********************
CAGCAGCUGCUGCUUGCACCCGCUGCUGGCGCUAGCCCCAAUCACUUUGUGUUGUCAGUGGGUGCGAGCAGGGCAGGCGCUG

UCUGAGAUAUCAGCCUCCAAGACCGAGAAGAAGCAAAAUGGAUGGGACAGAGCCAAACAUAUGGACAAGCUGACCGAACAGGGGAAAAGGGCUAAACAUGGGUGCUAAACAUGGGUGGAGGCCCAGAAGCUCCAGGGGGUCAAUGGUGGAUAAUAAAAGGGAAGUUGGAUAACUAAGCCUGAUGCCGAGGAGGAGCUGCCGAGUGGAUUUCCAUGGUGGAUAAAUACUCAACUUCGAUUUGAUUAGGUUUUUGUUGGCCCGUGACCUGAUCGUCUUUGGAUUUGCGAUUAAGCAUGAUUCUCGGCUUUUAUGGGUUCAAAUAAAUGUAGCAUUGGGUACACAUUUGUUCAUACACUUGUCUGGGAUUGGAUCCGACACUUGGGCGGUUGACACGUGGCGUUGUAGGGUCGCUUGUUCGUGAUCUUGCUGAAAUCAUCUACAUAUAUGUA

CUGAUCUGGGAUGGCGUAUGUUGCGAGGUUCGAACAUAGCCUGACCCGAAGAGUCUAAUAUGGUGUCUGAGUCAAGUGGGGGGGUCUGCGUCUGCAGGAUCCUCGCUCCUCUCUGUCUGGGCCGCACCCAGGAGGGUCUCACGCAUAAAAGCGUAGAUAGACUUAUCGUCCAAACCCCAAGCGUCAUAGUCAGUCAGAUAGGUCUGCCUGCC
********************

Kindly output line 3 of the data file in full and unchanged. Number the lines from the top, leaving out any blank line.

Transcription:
CUGAUCUGGGAUGGCGUAUGUUGCGAGGUUCGAACAUAGCCUGACCCGAAGAGUCUAAUAUGGUGUCUGAGUCAAGUGGGGGGGUCUGCGUCUGCAGGAUCCUCGCUCCUCUCUGUCUGGGCCGCACCCAGGAGGGUCUCACGCAUAAAAGCGUAGAUAGACUUAUCGUCCAAACCCCAAGCGUCAUAGUCAGUCAGAUAGGUCUGCCUGCC